There is no doubt that Shelby Rogers is a world-class tennis player after the performance the homegrown 21-year-old put on Tuesday at the Family Circle Cup. She did everything but close out a pair of sets.

Yes, she lost, 7-5, 7-5, to 12th-seeded Daniela Hantuchova of Slovakia. Yet Rogers probably gained a new level of respect with her play on Billie Jean King Stadium Court.

Knowing how close she had come to her first Family Circle Cup main draw victory, Rogers fought back tears in the interview room.

"I'm glad I put on a good show for the crowd and I'm glad they were here to see how I've improved . . . to play that well against a good, seasoned player is encouraging," said Rogers, now ranked 109th in the world.

"She knew exactly what to do on the big points . . . she made me feel the pressure and she was hitting really deep, moving well. She stepped up her game when she needed to."

This was a far better showing for Rogers than three years earlier on the same court when she won the first set against veteran Jill Craybas before dropping a 6-0 third set.

Rogers outhit and outplayed Hantuchova to be in position to serve for the first set and then to twice serve for the second set. She dropped the last four games of the first set and last five games of the second set.

For most of the other 15 games, Rogers played spectacular tennis in dominating a 30-year-old opponent who is currently ranked No. 32 and was once ranked as high as fifth in the world. Rogers put on a clinic in those games by nailing forehands and backhands cross-court and down the lines.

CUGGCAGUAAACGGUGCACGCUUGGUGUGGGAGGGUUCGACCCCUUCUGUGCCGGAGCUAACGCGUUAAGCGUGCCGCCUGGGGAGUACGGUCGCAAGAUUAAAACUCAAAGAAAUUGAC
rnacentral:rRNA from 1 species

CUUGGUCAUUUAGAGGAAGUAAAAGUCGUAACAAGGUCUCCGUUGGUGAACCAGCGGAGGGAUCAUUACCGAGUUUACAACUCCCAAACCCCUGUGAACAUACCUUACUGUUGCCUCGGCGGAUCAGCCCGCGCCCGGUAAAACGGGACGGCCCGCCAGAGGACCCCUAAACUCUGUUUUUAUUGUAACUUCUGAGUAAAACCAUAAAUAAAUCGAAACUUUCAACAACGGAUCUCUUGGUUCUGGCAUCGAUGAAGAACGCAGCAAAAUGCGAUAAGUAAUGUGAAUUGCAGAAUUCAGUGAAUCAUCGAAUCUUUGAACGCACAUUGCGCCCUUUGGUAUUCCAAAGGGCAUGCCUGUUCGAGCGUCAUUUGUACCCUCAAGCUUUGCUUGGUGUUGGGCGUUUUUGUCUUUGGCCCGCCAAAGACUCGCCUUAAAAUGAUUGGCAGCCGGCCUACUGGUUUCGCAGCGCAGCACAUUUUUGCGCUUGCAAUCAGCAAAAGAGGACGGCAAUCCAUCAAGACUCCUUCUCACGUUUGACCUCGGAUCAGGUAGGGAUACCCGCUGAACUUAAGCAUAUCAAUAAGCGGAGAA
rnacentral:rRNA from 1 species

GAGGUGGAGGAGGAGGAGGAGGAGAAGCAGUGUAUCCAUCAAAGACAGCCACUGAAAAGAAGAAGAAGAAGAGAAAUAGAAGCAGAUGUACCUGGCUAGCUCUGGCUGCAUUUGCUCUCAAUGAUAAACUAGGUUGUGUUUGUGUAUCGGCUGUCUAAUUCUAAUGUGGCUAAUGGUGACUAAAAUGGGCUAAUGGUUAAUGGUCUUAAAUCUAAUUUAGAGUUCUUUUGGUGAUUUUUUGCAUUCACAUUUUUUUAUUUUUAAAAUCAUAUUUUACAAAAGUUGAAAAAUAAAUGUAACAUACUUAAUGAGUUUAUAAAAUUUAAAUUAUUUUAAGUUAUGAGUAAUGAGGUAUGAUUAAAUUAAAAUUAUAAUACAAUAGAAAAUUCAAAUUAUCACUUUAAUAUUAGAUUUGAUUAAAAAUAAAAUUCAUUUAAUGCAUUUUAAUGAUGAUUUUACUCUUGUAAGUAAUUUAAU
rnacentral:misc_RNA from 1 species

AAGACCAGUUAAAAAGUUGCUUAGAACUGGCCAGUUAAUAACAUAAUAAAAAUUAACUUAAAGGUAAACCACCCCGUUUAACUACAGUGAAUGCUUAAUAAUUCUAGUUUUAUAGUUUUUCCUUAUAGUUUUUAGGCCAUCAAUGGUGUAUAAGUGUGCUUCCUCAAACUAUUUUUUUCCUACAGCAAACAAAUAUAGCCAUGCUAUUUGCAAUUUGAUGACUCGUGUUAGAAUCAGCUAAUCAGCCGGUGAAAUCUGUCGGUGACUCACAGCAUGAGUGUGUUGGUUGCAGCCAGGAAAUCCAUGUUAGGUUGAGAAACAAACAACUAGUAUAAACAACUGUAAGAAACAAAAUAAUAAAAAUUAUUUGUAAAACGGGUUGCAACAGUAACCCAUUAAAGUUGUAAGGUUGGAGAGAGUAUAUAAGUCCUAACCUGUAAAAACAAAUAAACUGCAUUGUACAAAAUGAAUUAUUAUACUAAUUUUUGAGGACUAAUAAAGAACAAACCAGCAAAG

Rogers was a true big-time pro, until it came time to serve for the first set at 5-4. She gave the game away with four unforced errors. When she served to stay in the set two games later, she committed four more unforced errors.

Rogers bounced back in the second set and appeared poised to force a third set by charging to a 5-2 lead.

But just as she had done when the first set was on the line, Hantuchova, often labeled a one-dimensional player, changed her game. She went cautious, taking pace off of the ball and moving the ball around the court. And Rogers cooperated, falling prey to over-hitting and being caught out of position.

"I think it's the way you have to play on clay, change it up, mixing it up, not playing one dimensional and use different shots," Hantuchova said.

Reach James Beck at jamesbecktennis@gmail.com.